Nottinghamshire County Council has eased back on previous warnings of massive budget cuts.
The ruling Conservative administration previously said it was vital to save £85m over the next three years.
But the discovery of an "underspend" and the retention of a government grant has helped lessen cuts for the next 12 months by £4m.
More money will be set aside for gritting, but 470 jobs are still under threat and council homes will be sold.
The current public consultation on the budget proposals ends on Friday, 22 January.
Extra tax revenue
In a statement the authority said funding for community transport would stay at current levels - it had previously faced a cut of £150,000 from a total budget of £250,000.
And plans to slash the gritting budget by £50,000 have been set aside and the same amount has been earmarked to pay for road gritting supplies.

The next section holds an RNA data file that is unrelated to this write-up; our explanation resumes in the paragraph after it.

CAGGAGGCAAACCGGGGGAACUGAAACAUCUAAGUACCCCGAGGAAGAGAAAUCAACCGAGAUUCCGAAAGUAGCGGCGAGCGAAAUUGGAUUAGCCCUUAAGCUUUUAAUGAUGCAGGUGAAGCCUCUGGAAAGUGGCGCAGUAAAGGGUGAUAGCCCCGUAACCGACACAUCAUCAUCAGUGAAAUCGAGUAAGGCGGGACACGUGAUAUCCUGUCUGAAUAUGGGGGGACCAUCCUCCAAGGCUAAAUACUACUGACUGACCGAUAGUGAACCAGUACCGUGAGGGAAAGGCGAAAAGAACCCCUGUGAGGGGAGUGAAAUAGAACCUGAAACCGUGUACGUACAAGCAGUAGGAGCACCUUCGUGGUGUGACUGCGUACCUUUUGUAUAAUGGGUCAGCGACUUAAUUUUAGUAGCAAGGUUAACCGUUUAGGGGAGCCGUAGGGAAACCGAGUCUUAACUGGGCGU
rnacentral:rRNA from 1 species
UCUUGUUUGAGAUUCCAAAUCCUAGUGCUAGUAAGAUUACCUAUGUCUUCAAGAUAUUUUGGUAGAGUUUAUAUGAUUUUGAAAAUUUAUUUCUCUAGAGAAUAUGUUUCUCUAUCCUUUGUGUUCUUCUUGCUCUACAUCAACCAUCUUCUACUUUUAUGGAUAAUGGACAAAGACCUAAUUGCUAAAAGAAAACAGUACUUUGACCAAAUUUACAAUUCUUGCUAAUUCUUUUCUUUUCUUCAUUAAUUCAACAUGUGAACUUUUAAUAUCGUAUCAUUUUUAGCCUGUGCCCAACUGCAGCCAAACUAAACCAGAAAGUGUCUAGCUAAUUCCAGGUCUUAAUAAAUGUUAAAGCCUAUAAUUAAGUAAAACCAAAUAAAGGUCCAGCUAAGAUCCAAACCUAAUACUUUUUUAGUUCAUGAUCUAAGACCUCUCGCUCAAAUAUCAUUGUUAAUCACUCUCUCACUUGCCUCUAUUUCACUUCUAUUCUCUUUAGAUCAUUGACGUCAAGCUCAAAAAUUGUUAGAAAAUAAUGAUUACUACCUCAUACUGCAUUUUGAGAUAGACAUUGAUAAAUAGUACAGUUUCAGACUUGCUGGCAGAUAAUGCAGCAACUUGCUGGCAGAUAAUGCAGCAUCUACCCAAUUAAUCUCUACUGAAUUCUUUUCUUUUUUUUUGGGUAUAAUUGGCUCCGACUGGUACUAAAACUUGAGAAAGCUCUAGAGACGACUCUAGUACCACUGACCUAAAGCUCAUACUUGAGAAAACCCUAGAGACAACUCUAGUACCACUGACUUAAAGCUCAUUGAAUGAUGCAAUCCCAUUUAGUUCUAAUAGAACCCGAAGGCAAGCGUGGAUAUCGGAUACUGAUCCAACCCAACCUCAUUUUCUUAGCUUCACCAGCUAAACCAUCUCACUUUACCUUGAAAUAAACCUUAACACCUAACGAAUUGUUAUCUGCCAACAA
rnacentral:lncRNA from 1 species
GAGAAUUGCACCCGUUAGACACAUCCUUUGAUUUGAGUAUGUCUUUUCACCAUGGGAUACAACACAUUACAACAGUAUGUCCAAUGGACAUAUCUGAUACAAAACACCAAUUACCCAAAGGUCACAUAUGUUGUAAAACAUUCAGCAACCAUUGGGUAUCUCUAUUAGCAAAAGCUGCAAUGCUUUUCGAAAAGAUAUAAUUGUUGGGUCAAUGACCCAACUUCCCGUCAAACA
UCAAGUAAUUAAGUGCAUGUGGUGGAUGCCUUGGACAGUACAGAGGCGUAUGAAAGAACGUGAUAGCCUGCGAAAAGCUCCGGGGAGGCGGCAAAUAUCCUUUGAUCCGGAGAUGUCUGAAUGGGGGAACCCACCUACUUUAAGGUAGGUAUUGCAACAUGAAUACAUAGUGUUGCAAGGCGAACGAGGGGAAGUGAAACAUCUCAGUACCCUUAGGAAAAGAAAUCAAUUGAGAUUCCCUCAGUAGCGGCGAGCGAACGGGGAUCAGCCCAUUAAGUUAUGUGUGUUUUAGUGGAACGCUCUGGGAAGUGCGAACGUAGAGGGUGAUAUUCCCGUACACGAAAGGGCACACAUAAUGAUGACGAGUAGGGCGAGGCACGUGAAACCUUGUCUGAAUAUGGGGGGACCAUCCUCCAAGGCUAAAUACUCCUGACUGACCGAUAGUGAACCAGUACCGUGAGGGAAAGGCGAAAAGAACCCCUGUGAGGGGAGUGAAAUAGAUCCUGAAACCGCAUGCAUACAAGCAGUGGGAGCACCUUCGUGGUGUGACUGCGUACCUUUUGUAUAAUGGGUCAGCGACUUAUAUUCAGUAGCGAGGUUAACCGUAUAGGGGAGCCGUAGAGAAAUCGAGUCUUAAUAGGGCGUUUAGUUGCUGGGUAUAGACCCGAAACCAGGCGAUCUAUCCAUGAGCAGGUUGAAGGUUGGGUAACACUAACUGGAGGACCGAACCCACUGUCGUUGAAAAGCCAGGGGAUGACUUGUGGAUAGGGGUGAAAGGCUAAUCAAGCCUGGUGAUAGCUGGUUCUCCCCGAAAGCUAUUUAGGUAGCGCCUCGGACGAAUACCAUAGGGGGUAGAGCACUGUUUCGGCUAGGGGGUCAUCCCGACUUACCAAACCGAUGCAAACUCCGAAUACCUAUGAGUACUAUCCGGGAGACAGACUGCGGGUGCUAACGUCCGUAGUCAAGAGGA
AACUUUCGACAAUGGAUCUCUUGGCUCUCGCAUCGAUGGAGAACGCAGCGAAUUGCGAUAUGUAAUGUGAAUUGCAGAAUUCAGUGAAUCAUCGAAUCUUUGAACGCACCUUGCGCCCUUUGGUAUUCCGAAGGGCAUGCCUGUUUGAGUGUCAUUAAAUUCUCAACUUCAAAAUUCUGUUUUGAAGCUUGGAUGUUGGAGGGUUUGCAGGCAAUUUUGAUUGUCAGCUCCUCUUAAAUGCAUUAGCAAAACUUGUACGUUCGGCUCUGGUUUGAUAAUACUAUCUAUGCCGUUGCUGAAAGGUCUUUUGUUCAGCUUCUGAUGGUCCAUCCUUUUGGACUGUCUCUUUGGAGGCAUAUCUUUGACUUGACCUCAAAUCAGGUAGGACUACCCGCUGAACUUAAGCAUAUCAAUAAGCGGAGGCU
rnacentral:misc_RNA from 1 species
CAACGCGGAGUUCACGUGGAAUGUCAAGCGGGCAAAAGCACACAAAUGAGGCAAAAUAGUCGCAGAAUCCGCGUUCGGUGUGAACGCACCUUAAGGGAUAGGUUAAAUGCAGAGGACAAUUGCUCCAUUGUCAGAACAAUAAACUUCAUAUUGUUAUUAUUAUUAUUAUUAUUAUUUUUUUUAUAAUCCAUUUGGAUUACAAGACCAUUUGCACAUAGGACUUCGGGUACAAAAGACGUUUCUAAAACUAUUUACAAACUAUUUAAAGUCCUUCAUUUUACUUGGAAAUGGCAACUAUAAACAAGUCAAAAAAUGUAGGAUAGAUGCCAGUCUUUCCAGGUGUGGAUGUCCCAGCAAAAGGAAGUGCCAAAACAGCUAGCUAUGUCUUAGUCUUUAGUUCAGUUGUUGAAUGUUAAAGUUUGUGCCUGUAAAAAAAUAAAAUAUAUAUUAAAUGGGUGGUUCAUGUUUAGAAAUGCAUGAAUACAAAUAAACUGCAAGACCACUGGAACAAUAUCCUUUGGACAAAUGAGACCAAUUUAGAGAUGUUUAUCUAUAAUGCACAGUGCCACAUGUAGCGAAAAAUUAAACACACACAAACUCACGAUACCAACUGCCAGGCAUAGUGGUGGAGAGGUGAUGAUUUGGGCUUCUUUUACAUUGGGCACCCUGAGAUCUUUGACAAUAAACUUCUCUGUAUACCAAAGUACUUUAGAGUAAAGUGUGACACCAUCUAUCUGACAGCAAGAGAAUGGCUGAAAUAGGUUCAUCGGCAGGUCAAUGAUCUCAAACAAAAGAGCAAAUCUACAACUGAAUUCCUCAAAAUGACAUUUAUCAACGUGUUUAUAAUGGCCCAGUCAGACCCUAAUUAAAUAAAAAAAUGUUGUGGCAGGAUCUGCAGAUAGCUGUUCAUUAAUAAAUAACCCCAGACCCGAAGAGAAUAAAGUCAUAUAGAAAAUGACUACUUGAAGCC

Explaining the change of plans, council leader Kay Cutts said the figures had altered because it had retained a £300,000 grant from central government.
The authority said it had "identified £1m of underspend" while adding it had "only recently emerged" the authority would see an extra £1.5m from council tax revenue because of the number of new homes built in the county.
But residents receiving meals delivered to their homes were facing an increase in the cost of the food from the current £2.35 to £3.00, although initially it had been envisaged the cost would rise to £3.95.
And staff working for the authority were still facing a pay freeze in the coming year.
Councillor Cutts said: "We will do everything we can to deliver a balanced budget whilst providing the services that are necessary."